2019 De Logi Grant Awards
Quantum Noise-Free Measurements
Funding from the De Logi grant award allowed Adhikari (pictured left) and his team to begin developing a prototype of a possible next-generation gravitational wave detector called LIGO Voyager, in years 2019-2021 when the National Science Foundation, for political reasons, was not providing any new funding for such LIGO R&D efforts. Once complete, the prototype will be housed in the Caltech-LIGO 40m lab.
Explanation of Voyager: Emerging technologies in low-dissipation optical coatings, low-vibration cryogenics, and other areas have opened a path to delivering a broadband improvement in strain sensitivity by a factor of ∼5 over the Advanced LIGO design. To take advantage of these developments, Adhikari has assembled a design concept for LIGO Voyager. Currently, the LIGO Scientific Collaboration is studying the feasibility of a LIGO Voyager upgrade near the end of this decade, in the context of the proposed 2030s next generation detectors: the U.S. led Cosmic Explorer (20 – 40 km) and the European led Einstein Telescope (10 km and underground). The outcome of this study will determine whether the current LIGO instruments will be upgraded into the Voyager configuration. As part of this study, the limits of the room temperature interferometers (based on the Advanced LIGO system) are also being examined as a potential alternative to Voyager.
If the Voyager detector being prototyped by Adhikari and his team with the help of De Logi funds, is not implemented, some variant of its technology will very likely be implemented in the Cosmic Explorer and Einstein Telescopes.
R. X. Adhikari, K. Arai, A. F. Brooks, C. Wipf, O. Aguiar, P. Altin, B. Barr, L. Barsotti, R. Bassiri, A. Bell et al. (2020) A cryogenic silicon interferometer for gravitational-wave detection.
Full list of publications from this project.
Engineering Red Blood Cells to Cure HIV Infection
Supported by a De Logi grant award, Bjorkman (pictured left) and her lab set out to develop a bioengineering-driven approach to functionally cure HIV infection. They engineered red blood cells (RBCs) to mimic the cells that HIV normally infects that present a dense area of HIV's host receptors (CD4 and CCR5) on their surface. The idea is that HIV would bind to and infect these RBCs instead of the immune cells that the virus normally infects and thereby deplete HIV from the infected person's body. In contrast to other cell types, RBCs don't contain a nucleus and other elements that HIV requires to replicate, so the idea was that the engineered RBCs would lure the virus to a "dead end." The support has allowed them to publish their proof-of-concept results for generating and evaluating Red Blood Cells (RBC) viral traps in vitro. In addition the support has allowed the lab to explore other avenues in their pursuit to develop a decoy-based functional cure therapy against HIV.
Hoffmann, Magnus A. G. and Kieffer, Collin and Bjorkman, Pamela J. (2021) In vitro characterization of engineered red blood cells as viral traps against HIV-1 and SARS-CoV-2.
De Logi funding allowed Miller (pictured left) and his Co-Investigators to pursue the use of rigorous and general machine learning methods to address the quantum electronic structure problem that underpins the entirety of molecular and materials simulation. Current approaches employ physics-based methods which solve quantum mechanical equations to describe the behavior of atoms and molecules. While powerful, these methods come at extraordinary computational costs and human-time costs. A major outcome of this project has been the development of the OrbNet method, which combines deep learning with quantum mechanics to dramatically reduce the computation cost of accurate solutions of the Schrodinger Equation for the description of chemical and biomolecular properties. The method has received acknowledgement from journals in terms of Editor's Pick highlights; it has been featured by the CEO of NVIDIA 3 times in his semi-annual keynote addresses as a pathbreaking method for AI-driven drug design; and it has contributed to accurate large-scale simulations (up to 1B atoms) of the SARS-CoV2 virion in work that was selected as a finalist for the 2021 Gordon Bell Prize for COVID Research.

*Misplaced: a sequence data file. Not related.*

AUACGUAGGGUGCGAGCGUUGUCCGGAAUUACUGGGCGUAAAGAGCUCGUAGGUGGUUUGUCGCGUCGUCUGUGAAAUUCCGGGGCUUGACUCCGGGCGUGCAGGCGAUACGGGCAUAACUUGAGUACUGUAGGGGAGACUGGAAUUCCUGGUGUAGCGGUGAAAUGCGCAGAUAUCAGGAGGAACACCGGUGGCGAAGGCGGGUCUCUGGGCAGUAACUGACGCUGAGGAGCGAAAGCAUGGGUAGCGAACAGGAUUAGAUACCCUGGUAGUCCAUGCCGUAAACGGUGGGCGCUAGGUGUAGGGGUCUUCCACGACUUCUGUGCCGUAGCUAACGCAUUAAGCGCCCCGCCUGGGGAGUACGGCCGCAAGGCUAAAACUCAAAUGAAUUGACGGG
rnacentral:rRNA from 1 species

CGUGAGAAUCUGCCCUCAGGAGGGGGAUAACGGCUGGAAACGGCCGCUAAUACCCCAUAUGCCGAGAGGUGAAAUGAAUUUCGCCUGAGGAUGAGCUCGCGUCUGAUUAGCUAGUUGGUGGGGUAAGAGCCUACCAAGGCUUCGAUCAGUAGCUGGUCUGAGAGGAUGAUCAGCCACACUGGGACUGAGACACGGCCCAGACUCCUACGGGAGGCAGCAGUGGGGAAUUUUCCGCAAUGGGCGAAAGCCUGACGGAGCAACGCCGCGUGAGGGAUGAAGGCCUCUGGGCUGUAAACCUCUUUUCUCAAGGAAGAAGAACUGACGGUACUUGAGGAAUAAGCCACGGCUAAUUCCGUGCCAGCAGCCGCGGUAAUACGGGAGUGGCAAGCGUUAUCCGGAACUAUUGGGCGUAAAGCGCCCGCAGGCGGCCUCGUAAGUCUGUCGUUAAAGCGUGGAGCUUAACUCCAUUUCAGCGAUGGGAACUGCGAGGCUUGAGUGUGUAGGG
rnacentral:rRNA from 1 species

Z. Qiao, M. Welborn, A. Anandkumar, F. R. Manby, and T. F. Miller III, (2020) OrbNet: Deep learning for quantum chemistry using symmetry-adapted atomic-orbital features
J. Chem. Phys., 153, 124111 (Editor's Pick)
Full list of publications from this project.
The De Logi grant award allowed Tissot (pictured left), Weiss and their teams to investigate carefully selected meteorites in search of a sample from planet Mercury and determine whether any of these candidates were actually Mercurian. A family of meteorites, known as aubrites, showed great initial promise owing to their bulk elemental composition and mineralogy, reduced nature, and, for specific specimens, their potentially younger age compared to other meteorites. Over the three-year duration of the award, Tissot and Weiss developed novel methods, and directed a coordinated effort to scrutinize the isotopic composition, as well as the paleomagnetic and chronologic record of selected aubrites. Thanks to a unique and stringent test algorithm for the successful identification of Mercurial samples, the team was able to determine that none of the selected aubrites were in fact Mercurian samples. The establishment of the unique team and workflow to assess the possible Mercurian origin of future meteorites finds/falls, means that the impact of this funding will continue in the years to come.
Hyung, Eugenia and Tissot, François L. H. (2021) Routine high-precision Nd isotope analyses: an optimized chromatographic purification scheme.